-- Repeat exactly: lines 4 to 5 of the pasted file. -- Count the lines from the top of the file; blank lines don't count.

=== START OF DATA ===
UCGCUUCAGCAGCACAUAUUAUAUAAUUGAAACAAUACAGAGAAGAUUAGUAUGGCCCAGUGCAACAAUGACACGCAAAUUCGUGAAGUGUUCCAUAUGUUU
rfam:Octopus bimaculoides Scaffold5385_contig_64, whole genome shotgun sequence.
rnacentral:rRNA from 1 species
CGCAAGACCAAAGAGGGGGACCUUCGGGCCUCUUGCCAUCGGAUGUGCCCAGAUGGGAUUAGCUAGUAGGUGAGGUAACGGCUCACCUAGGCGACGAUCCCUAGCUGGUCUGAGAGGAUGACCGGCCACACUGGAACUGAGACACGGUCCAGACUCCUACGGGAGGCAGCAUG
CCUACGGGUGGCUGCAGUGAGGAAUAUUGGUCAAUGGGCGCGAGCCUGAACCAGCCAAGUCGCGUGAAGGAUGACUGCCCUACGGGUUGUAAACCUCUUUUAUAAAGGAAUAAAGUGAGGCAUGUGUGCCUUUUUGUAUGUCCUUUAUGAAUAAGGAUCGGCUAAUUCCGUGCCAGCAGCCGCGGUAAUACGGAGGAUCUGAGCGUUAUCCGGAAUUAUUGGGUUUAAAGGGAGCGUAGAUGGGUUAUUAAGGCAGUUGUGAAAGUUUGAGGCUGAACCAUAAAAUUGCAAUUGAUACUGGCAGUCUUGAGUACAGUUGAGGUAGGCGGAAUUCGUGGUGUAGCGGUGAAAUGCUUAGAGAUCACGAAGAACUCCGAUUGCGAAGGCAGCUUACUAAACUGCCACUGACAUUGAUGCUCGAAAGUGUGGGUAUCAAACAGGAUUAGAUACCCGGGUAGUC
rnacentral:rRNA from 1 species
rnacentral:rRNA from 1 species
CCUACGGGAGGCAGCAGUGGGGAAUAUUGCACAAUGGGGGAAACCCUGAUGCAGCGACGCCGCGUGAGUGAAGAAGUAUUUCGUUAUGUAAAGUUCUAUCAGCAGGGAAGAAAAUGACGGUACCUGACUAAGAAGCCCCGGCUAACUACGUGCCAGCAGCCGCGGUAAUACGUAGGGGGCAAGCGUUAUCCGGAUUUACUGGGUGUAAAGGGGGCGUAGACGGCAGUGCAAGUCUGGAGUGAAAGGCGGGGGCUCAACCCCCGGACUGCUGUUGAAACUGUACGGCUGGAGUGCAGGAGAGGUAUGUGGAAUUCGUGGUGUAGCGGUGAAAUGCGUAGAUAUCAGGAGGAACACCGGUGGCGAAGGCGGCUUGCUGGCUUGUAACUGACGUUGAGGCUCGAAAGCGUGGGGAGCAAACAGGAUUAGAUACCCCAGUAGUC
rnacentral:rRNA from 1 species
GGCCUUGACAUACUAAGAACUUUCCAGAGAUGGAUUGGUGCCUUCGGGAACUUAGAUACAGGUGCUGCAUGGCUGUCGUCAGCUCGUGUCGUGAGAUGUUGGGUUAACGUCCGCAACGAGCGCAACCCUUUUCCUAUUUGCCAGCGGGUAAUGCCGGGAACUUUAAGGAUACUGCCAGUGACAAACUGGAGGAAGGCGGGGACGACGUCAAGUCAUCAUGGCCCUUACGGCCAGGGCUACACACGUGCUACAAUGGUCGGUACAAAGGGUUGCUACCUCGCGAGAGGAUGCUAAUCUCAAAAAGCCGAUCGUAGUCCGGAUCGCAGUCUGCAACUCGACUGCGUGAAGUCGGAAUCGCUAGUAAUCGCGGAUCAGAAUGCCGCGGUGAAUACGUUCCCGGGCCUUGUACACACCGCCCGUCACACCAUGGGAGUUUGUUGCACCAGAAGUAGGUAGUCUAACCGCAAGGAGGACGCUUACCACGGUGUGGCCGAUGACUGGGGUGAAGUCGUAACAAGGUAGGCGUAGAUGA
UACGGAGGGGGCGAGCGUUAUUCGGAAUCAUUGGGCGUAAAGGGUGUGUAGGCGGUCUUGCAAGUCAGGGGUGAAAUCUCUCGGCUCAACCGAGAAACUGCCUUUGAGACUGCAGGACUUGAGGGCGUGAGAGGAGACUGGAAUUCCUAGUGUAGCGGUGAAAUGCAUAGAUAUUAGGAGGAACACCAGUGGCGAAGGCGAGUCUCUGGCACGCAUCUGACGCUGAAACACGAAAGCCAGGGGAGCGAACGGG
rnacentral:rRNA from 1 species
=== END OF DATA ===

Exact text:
CGCAAGACCAAAGAGGGGGACCUUCGGGCCUCUUGCCAUCGGAUGUGCCCAGAUGGGAUUAGCUAGUAGGUGAGGUAACGGCUCACCUAGGCGACGAUCCCUAGCUGGUCUGAGAGGAUGACCGGCCACACUGGAACUGAGACACGGUCCAGACUCCUACGGGAGGCAGCAUG
CCUACGGGUGGCUGCAGUGAGGAAUAUUGGUCAAUGGGCGCGAGCCUGAACCAGCCAAGUCGCGUGAAGGAUGACUGCCCUACGGGUUGUAAACCUCUUUUAUAAAGGAAUAAAGUGAGGCAUGUGUGCCUUUUUGUAUGUCCUUUAUGAAUAAGGAUCGGCUAAUUCCGUGCCAGCAGCCGCGGUAAUACGGAGGAUCUGAGCGUUAUCCGGAAUUAUUGGGUUUAAAGGGAGCGUAGAUGGGUUAUUAAGGCAGUUGUGAAAGUUUGAGGCUGAACCAUAAAAUUGCAAUUGAUACUGGCAGUCUUGAGUACAGUUGAGGUAGGCGGAAUUCGUGGUGUAGCGGUGAAAUGCUUAGAGAUCACGAAGAACUCCGAUUGCGAAGGCAGCUUACUAAACUGCCACUGACAUUGAUGCUCGAAAGUGUGGGUAUCAAACAGGAUUAGAUACCCGGGUAGUC